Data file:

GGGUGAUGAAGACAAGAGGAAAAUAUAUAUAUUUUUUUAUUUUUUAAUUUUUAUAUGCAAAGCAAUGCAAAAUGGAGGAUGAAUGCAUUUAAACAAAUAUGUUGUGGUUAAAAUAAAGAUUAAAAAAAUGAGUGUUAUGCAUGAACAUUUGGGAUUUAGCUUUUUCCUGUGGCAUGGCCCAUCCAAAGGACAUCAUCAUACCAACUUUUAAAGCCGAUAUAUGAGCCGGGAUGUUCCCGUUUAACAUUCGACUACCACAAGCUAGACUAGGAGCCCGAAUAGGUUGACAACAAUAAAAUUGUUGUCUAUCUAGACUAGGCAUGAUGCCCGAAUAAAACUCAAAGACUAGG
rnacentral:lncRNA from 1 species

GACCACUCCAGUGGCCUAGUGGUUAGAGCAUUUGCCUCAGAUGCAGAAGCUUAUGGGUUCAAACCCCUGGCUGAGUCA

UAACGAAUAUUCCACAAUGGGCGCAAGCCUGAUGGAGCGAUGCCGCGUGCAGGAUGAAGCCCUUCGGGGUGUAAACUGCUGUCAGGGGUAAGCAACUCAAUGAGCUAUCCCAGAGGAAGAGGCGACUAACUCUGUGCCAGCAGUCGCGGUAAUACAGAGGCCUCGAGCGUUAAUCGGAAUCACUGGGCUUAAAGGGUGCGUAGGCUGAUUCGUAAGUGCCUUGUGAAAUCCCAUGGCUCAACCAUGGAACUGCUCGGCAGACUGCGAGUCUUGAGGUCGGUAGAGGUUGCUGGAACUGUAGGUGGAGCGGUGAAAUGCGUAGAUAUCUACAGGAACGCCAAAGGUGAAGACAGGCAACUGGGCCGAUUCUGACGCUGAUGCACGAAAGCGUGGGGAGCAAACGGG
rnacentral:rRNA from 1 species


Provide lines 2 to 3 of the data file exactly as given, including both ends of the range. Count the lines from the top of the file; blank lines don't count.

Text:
rnacentral:lncRNA from 1 species

GACCACUCCAGUGGCCUAGUGGUUAGAGCAUUUGCCUCAGAUGCAGAAGCUUAUGGGUUCAAACCCCUGGCUGAGUCA